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5 Ways to Fix a Leaky Ceiling

5 Ways to Fix a Leaky Ceiling

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It starts with a little patter in the hallway, making its way through the noise of the TV. You quickly rule out dancing mice, and are pretty sure it isn’t a ghost, so you go investigate. You look at the ground, and see water splashing on the floor, and, with dread, look up at the ceiling. There, trickling down in an increasing stream, is a steady beat of water. There is already some discoloration, and the faint hint of a bulge being born in your drywall. Whether through rain or a damaged pipe, you have a leak. After laying out pots and pans, there are several options. If you are a renter, you call your landlord and turn up the television, occasionally taking worried but ultimately unconcerned glances in the general direction. You could also choose to ignore it, on the theory that it will stop raining at some point, but that is short-sighted at best. If you own, or you are the landlord who gets the call, you have to fix it. Luckily, this isn’t as difficult as it seems. Here are five ways to fix a ceiling leak.

Determine the Cause of the Leak

While this seems obvious, this is a hugely important step. The water may not be coming from a pipe directly above where it is leaking. Water is lazy and flows in the path of least resistance, which means it may have taken some twists and turns before the spot where it comes out. It is most likely directly over the spot, but you don’t want to tear up your whole ceiling. If the leak isn’t on the top floor, it is probably a pipe. You should be able to tell if it is coming in from the roof, depending on your floor.

Pipe Repair

If the leak is coming from a pipe, determine exactly where in the pipe the leak has sprung. It might not be at the point of drips, as small, almost imperceptible shifts could have the water running down the pipe after it comes out. Dry the pipe and identify the spot. If it is a joint, you can tighten the joint. If it is in the middle, you have to take out that section of pipe and replace it. This isn’t terribly easy, especially if you have a copper pipe or a threaded joint (unscrewing one end tends to make the other side tighter). A qualified plumbing professional can help you with this step. If the hole is small enough, you may be able to get away with a pipe patch or plug, but these are not permanent solutions, and can degrade depending on the amount of water that goes through the pipe.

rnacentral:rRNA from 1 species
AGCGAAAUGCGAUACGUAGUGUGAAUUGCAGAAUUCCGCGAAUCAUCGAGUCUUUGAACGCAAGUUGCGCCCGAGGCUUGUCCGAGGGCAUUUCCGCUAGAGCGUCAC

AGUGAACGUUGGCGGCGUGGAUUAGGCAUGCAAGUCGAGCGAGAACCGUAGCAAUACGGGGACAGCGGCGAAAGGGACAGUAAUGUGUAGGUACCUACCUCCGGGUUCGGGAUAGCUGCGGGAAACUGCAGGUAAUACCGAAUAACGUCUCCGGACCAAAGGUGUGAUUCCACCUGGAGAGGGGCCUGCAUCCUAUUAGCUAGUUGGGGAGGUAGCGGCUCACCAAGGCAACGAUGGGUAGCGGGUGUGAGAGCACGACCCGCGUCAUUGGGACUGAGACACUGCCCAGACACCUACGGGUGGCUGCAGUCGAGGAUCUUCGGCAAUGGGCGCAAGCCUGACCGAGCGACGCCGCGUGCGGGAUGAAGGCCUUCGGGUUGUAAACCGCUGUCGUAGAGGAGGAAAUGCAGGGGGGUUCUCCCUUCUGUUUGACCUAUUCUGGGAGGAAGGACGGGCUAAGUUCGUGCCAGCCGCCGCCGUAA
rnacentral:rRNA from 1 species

Roof Repair

This is slightly more fun, as you get to be outside. Strap on your tool belt, climb your ladder, and get on the roof. Careful, though- before you go outside you want to determine how much wood has been weakened. There might be an area larger than the hole that can’t support your weight. When on the roof, use a circular saw to cut a square area around the hole, after measuring an equally-sized replacement board. If the section is not directly adjacent to the rafters, you will have to apply a brace to hold it up. Replace the shingles in an overlapping pattern so that rain won’t be able to get in anymore. If the section is too big, you may want to look for a roofing service in your area.

Avoiding Mold

So you’ve fixed the leak, but you still have water damage to your drywall. You want to replace it, but before you do you have to make sure the whole area is completely dry. This isn’t just toweling off the pipe. Water could have collected all around, not just the parts you need to replace. This could be a long process, using a blow dryer or a fan for several days. Water can seep into the drywall, and has to be completely dry, or you will get mold. Beside the smell and sight, this will also weaken the walls and ceiling and ensure more expensive work in the future. This is a tedious and thankless step, but one that can’t be avoided.

Drywall Replacement

You may have to replace a section of the ceiling or the wall, or both. Minor damage can be repaired with putty, then sanded and painted. You may have to cut out a hole. If the hole is small, you can get a repair kit. Basically, what you will need is a backboard that goes inside the hole and rests there. From there, you can attach a new sheet of drywall, cut to fit, to the backboard. If there is extensive damage, you may have to replace whole sections of the drywall. This isn’t the most complicated procedure, but it is possible to enlist an expert in drywall installation and repair.

So those are the steps. It is unfortunate that such a minor tapping noise one night can lead to such a headache, but a leak is one of the most common and potentially hazardous problems a home-owner will face. If it is ignored it can lead to at best an ugly discoloration, or health problems due to mold, all the way to catastrophic roof failure. If you have any more questions, seek a qualified contractor to help you out. Don’t let a drip turn into a deluge.

--Mitch Logan

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